Hands and Feet Logo

Cleaning basements, tearing down metal sheds and filling dumpsters are hardly the activities most high school students choose for summer vacation. But that’s exactly what two groups of Presbyterian youth are doing in Ferguson, Mo., this week as part of the Hands and Feet initiative.

Youth groups from Presbyterian Church (U.S.A.) congregations in Kentucky and Arkansas are participating in a week of service learning activities sponsored by St. Louis Urban Missions, a ministry of First Presbyterian Church in Ferguson.

Caleb Morris, Evan Holmes, and Grady Stevens, of Louisville, KY, carry a TV to a dumpster near Ferguson, MO on Tuesday, June 19, 2018. (Photo by Michael Whitman)

Caleb Morris, Evan Holmes and Grady Stevens of Louisville carry a TV to a dumpster near Ferguson, Mo., on Tuesday, June 19, 2018. (Photo by Michael Whitman)

Ferguson, a St. Louis suburb of 21,000, garnered national attention in August 2014, when a white police officer shot and killed Michael Brown, an unarmed black teenager. The Hands and Feet initiative was planned as a way for the PC(USA) to have a positive impact in the St. Louis area in conjunction with the 223rd General Assembly (2018). Presbyteries were invited to send mission teams to the Presbytery of Giddings-Lovejoy. The initiative will be replicated in future General Assembly cities.

On Tuesday, youth from Highland Presbyterian Church in Louisville helped a resident living near Ferguson clear out junk and debris from her basement. The homeowner was referred by a St. Louis County governmental office overseeing problem properties.  The homeowner’s daughter said her mother’s advanced age and dementia have made housekeeping tasks difficult. She was grateful for the help from Hands and Feet. “It truly is a blessing,” she told the group. “I’m overwhelmed, but in a good way.”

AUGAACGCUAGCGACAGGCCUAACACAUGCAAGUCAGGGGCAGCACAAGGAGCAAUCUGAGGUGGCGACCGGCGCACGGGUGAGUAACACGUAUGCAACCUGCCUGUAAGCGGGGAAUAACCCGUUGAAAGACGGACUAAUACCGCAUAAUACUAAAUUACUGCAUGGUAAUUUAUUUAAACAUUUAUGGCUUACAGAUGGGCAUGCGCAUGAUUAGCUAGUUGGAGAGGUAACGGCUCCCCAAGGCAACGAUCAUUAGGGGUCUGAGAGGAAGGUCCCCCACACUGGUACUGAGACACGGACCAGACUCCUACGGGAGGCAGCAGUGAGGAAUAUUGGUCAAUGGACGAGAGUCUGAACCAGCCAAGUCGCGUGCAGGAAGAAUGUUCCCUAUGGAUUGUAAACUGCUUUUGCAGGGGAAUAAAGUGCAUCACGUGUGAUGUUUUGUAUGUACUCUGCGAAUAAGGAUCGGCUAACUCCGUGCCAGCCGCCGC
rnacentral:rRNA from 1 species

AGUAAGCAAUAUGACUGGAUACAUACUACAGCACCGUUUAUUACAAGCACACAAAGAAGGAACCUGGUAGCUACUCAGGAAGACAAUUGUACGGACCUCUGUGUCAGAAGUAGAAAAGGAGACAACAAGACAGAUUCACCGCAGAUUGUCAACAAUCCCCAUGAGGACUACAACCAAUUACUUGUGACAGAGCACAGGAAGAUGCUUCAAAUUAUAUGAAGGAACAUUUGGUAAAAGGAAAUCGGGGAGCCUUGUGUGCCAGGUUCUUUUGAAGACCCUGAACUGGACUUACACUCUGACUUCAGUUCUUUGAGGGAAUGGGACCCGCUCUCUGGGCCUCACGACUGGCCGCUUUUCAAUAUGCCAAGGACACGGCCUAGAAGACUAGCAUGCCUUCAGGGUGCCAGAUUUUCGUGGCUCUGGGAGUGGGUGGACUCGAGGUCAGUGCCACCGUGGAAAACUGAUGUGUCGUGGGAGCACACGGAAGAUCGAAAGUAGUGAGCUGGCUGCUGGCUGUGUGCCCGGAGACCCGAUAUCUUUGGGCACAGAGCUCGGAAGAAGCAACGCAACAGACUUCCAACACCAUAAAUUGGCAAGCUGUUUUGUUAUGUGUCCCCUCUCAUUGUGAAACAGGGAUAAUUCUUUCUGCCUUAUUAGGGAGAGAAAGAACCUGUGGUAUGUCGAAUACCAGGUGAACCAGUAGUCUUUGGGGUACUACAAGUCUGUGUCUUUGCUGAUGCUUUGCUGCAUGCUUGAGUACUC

at St Stephen's Episcopal Church in Ferguson, MO on Tuesday, June 19, 2018.

At St Stephen's Episcopal Church in Ferguson, Mo., on Tuesday, June 19, 2018. —Photo by: Michael Whitman

The Rev. Doodle Harris, associate pastor of Highland Presbyterian Church in Louisville, brought seven volunteers to the woman’s house. Harris said the youth are benefiting from participating in both the Hands and Feet project and General Assembly.

“What’s been most important have been the conversations on race,” Harris said.

 Abby Sekula, a student from Louisville, agreed. “I think it helps us get a better understanding of the situations people face,” Sekula said.

Youth and adults from the Presbytery of Arkansas spent Tuesday tutoring at-risk children in Ferguson. The Rev. Brian Brock, pastor of Central Presbyterian Church in Russellville, Ark., said the presbytery regularly sponsors mission trips in conjunction with General Assembly.

Brock said the intent of Hands and Feet to offer service in the host city makes sense. Until now, he said, “one of the things about General Assembly is that there has not been much focused on the city itself.”

First Presbyterian Church in Ferguson has been hosting work teams since 1998, says church trustee Duane Mazzacavallo. As the coordinator of St. Louis Urban Missions, Mazzacavallo connects work teams with various agencies in and near Ferguson.